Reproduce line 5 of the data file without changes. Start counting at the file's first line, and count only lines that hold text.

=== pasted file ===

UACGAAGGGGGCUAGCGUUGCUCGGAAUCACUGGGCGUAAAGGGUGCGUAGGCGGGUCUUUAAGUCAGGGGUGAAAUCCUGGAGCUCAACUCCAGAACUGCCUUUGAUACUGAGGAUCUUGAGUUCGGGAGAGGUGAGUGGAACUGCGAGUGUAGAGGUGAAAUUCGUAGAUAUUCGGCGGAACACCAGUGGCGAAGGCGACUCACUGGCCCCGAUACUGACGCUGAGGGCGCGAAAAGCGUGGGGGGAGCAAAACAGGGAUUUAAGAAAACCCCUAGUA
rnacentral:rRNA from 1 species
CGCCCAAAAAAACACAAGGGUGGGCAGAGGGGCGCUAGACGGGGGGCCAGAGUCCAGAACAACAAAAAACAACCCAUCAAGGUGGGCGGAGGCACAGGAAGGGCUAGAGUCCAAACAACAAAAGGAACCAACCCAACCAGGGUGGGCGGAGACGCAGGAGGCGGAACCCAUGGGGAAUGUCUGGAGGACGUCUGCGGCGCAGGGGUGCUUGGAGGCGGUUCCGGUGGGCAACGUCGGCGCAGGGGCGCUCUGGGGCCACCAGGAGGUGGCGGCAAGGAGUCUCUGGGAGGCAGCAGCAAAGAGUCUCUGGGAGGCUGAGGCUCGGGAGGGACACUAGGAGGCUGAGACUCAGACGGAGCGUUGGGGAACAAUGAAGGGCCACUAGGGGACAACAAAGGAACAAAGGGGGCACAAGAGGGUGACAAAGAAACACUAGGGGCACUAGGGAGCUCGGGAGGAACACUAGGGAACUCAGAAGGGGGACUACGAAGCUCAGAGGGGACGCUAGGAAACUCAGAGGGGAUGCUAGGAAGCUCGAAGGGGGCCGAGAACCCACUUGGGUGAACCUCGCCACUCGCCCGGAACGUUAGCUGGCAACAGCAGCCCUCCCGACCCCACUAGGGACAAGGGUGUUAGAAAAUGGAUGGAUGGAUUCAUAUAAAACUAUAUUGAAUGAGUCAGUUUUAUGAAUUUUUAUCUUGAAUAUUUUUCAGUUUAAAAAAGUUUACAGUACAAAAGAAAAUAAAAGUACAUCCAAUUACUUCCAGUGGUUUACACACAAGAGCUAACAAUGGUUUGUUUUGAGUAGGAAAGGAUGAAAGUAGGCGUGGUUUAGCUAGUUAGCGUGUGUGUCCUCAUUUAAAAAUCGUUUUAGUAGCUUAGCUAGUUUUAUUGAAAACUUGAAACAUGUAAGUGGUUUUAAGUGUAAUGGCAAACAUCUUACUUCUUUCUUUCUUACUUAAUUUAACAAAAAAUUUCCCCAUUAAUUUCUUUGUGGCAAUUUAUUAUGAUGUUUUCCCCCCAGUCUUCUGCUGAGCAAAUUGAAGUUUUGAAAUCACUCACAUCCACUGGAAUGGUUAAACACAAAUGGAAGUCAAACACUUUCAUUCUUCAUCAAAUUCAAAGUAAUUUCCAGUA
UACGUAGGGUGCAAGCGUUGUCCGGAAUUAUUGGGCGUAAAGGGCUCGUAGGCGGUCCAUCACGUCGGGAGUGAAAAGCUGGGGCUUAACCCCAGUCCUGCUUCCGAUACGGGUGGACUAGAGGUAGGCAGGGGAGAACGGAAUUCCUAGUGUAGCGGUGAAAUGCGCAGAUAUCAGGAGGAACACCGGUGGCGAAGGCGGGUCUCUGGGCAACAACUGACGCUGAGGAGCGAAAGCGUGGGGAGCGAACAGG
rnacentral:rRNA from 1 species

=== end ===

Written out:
rnacentral:rRNA from 1 species